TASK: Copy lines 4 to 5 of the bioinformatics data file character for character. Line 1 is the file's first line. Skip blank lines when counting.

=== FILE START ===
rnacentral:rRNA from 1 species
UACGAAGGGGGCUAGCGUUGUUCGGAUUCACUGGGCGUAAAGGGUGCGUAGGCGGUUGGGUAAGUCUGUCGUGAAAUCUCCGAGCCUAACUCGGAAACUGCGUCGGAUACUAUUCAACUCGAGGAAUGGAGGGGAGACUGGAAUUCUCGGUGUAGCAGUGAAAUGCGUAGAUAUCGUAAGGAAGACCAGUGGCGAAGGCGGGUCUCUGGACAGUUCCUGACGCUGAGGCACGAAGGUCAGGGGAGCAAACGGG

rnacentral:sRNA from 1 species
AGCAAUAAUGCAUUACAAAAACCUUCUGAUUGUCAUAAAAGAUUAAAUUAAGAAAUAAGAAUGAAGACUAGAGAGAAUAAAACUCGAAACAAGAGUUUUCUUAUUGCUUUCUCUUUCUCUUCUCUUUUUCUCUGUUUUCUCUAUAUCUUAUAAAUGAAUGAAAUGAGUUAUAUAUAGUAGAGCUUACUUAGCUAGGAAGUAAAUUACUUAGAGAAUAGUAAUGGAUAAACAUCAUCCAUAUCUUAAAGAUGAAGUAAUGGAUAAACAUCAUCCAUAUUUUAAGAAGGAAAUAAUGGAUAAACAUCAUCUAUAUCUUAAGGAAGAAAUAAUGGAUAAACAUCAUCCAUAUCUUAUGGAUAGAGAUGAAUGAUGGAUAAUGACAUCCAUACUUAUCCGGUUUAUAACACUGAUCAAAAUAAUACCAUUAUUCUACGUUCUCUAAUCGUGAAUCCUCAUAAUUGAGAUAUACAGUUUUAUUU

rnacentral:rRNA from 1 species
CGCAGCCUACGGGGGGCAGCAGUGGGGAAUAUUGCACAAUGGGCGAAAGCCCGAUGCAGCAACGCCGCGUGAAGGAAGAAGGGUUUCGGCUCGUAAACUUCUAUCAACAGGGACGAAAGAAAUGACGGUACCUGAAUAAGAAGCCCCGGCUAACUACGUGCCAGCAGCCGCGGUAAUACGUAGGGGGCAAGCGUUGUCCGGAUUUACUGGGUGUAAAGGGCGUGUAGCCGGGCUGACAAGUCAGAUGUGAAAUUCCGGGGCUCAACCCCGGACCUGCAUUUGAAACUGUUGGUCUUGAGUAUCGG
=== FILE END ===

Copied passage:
AGCAAUAAUGCAUUACAAAAACCUUCUGAUUGUCAUAAAAGAUUAAAUUAAGAAAUAAGAAUGAAGACUAGAGAGAAUAAAACUCGAAACAAGAGUUUUCUUAUUGCUUUCUCUUUCUCUUCUCUUUUUCUCUGUUUUCUCUAUAUCUUAUAAAUGAAUGAAAUGAGUUAUAUAUAGUAGAGCUUACUUAGCUAGGAAGUAAAUUACUUAGAGAAUAGUAAUGGAUAAACAUCAUCCAUAUCUUAAAGAUGAAGUAAUGGAUAAACAUCAUCCAUAUUUUAAGAAGGAAAUAAUGGAUAAACAUCAUCUAUAUCUUAAGGAAGAAAUAAUGGAUAAACAUCAUCCAUAUCUUAUGGAUAGAGAUGAAUGAUGGAUAAUGACAUCCAUACUUAUCCGGUUUAUAACACUGAUCAAAAUAAUACCAUUAUUCUACGUUCUCUAAUCGUGAAUCCUCAUAAUUGAGAUAUACAGUUUUAUUU

rnacentral:rRNA from 1 species